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Academy of Pain Medicine Announces Two-Day Course for Safe Prescribing for Your Primary Physician

GLENVIEW, Ill., Nov. 4, 2011 /PRNewswire/ --On the cusp of the recent Centers for Disease Control and Prevention (CDC) report about the growing death toll from prescription drug deaths, the physician leadership of the American Academy of Pain Medicine (AAPM) announced its plans to roll-out a new education initiative:  Safe Opioid Prescribing: Reversing the Trends.

Debuting as a two-day course that will be held in Palm Springs, CA, in February 2012, the Safe Opioid Prescribing program is based on clinical research and data in the field of pain medicine that has been effective in minimizing the risks and reducing the number of deaths associated with opioid prescribing for chronic pain by educating family physicians, internists and other primary care clinicians.

"We have been deeply concerned about the serious public health problem of unintentional overdose deaths from prescription medications.  The Safe Opioid Prescribing program is one way we are actively seeking to make a difference in this issue by sharing our expertise with other clinicians, who may not be as aware of the most relevant information in prescribing and the practice of pain medicine," President Perry G. Fine, MD said.

As the lead clinical experts in the specialty of pain, the physician leaders from the American Academy of Pain Medicine have dedicated countless hours to problem-solving on this issue, including:

  • Collaborating with the Office of National Drug Control Policy (ONDCP).
  • Working with Senator Jay Rockefeller (D-WV) and others to seek better pain care.
  • Providing clinical testimony to the Food and Drug Administration (FDA) around the Risk Evaluation and Mitigation Strategy (REMS) for long-acting and extended-release opioid drugs.
  • Collaborating with the Federal State Medical Boards (FSMB) to effect responsible prescribing patterns among all physicians of every specialty.
  • Accrediting a second edition of AAPM's Past President's Scott Fishman, MD's "Responsible Opioid Prescribing" publication, which has become an authoritative reference for safe prescribing.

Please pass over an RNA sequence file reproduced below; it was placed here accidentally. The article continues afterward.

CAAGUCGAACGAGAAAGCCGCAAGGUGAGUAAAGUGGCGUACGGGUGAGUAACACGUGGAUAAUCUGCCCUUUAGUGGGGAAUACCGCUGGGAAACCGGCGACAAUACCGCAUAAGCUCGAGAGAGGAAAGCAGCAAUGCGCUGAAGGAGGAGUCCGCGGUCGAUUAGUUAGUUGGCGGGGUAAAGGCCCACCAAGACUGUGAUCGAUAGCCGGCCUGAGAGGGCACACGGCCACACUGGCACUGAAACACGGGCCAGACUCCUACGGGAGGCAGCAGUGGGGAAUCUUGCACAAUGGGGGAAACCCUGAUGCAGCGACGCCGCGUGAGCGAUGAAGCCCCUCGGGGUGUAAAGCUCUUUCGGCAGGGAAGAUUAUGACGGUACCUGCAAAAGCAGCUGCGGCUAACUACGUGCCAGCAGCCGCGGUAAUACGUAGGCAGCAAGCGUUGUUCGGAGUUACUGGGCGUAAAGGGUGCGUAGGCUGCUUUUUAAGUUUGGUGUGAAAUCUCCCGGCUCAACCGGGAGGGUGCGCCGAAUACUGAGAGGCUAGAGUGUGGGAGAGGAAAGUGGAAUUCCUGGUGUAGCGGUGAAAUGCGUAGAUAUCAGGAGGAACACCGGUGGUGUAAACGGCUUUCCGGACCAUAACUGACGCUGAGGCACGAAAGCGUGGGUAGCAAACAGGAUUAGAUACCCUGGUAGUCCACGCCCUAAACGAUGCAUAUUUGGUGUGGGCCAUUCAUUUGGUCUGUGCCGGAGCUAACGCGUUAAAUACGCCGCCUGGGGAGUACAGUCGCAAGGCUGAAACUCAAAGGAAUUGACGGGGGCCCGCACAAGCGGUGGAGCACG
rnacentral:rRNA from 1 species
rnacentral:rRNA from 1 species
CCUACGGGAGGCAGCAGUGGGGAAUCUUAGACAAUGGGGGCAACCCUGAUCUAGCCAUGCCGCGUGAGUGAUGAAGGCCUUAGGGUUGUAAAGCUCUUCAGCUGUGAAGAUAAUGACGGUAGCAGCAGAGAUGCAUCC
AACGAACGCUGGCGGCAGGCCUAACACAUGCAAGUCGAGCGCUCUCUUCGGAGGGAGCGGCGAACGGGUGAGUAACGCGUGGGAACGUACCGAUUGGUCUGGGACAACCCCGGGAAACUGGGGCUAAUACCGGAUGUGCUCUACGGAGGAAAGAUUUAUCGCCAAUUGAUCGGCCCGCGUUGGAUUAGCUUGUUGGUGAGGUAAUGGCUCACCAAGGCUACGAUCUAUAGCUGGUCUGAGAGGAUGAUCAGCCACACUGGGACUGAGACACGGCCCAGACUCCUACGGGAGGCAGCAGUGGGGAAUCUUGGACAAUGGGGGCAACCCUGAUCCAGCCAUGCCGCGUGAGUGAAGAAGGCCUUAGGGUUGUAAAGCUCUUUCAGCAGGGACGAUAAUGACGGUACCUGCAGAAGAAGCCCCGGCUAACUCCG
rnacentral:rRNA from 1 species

• Ongoing education to the medical community about the latest science and treatments for pain. The June 2011 issue of the Academy's journal, Pain Medicine published a series of manuscripts describing the complexities of the problem of safe prescribing, but also identified where significant progress has been made to curb and reverse this serious issue.

"We strongly believe that prescribers, policymakers, and our communities must work collaboratively to ensure all patients who need prescription medication have access to them but are safely and appropriately prescribed and consumed," Dr. Fine added.  

These efforts align perfectly with the recently released CDC report, which concludes "Improving the way prescription painkillers are prescribed can reduce the number of people who misuse, abuse or overdose from these powerful drugs, while making sure patients have access to safe, effective treatment."

The Academy's Safe Opioid Prescribing Program has the statistical base of proof that reversing the trends is indeed possible.  It is based on a successful pilot program that was launched in 2007 in Utah through the Utah Department of Health (UDOH), when a public awareness and provider educational program effectively reversed trends of unintentional drug deaths in the state. 

"After the first year of the 2007 campaign, the state experienced its largest decreases in prescription drug deaths since 1994," AAPM Board Member Lynn Webster, MD said, citing the UDOH findings. 

"These findings were remarkable," Webster said.  And, that is when he began building the foundation of what is now the AAPM's Safe Opioid Prescribing curriculum that uses the experts in pain and the science of prescribing to help inform clinicians and ultimately patients and their families how to safely prescribe, use pain medications and to find ways to reverse the trends of overdose, death and diversion."

"It's a well-known axiom: if you want the most trusted and reliable information, go to the most reliable resource," said Dr. Webster.  "We have invested so much time and energy researching and preparing to share our success and expertise with others for the good of society.  This is a program that every physician should plan to attend," Webster said.

More information about the Safe Opioid Prescribing: Reversing the Trends Course, as well as the other programs of the Academy will be posted on the AAPM website when available at www.painmed.org.  

The American Academy of Pain Medicine is the premiere association for 2,400 pain physicians and their treatment teams. Now in its 28th year of service, the Academy's mission is to optimize the health of patients in pain and eliminate it as a major health public health problem by advancing the practice in the specialty of pain medicine.  More information is available at  www.painmed.org.

SOURCE American Academy of Pain Medicine



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